If you live in or near Leeds, you’re probably aware of the city’s bid for the 2023 European Capital of Culture. If you’ve spent time here, you’re also probably well-versed in the DIY art and music scenes that are such a crucial part of Leeds’ identity. Maybe you didn’t know however, that our city’s history is steeped in cinema. After all, Louis Le Prince shot the first ever moving picture here way back in 1888.
In October, No/ Gloss Film Festival returned to Canal Mills with a delectable selection of short films and underground features. Mockumentary ‘Busking Turf Wars,’ about a fictional Leeds busker and his rise to mediocre-dom was a stand-out for me – dryly humorous and devoutly Yorkshire.
Over Hallowe’en weekend, Red Bull Music Academy put on a screening and Q&A at Hyde Park Picture House of David Robert Mitchell’s ‘It Follows’ with a live orchestra playing the soundtrack composed by acclaimed video game musician, Disasterpeace.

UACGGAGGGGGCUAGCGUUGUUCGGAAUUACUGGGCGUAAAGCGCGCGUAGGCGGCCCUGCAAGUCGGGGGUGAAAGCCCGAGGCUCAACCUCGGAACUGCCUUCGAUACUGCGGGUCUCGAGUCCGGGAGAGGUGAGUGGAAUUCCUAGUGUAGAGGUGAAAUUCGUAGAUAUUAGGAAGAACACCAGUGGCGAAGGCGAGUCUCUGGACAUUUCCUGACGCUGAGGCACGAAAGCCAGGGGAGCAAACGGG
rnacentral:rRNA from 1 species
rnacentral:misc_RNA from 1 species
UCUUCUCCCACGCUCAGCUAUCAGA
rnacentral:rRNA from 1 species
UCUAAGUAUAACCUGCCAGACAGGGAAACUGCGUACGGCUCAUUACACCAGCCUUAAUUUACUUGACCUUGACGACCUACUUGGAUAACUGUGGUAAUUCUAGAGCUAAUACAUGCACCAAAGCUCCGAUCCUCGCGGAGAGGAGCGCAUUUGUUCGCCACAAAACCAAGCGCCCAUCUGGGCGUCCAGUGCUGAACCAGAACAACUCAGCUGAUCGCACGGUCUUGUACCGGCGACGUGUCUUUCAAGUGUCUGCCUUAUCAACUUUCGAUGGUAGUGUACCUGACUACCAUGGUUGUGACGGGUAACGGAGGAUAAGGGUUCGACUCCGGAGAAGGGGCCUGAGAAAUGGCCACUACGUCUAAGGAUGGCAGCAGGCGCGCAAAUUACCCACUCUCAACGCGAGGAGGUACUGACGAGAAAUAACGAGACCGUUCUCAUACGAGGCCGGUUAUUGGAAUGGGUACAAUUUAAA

Last week the 30th annual Leeds International Film Festival roared into Leeds Town Hall, opening with Paterson, Jim Jarmusch’s latest tender, poetic effort. The following evening saw Spike Lee’s new film Chi-raq debut at Hyde Park Picture House, with the Abandoned Yorkshire Photography Exhibition also taking place at Left Bank Leeds all weekend. It’s amazing to have Oscar-worthy blockbusters and directors within our vicinity, living up to LIFF29’s impressive program of Todd Haynes’ Carol, starring Cate Blanchett and Rooney Mara, and the film adaptation of Colm Toibin’s Brooklyn.
With the introduction of new venues in 2016 such as Ilkley Cinema, the Brudenell Social Club, and Armley Mills, this film festival proves Leeds to be one to watch when it comes to film.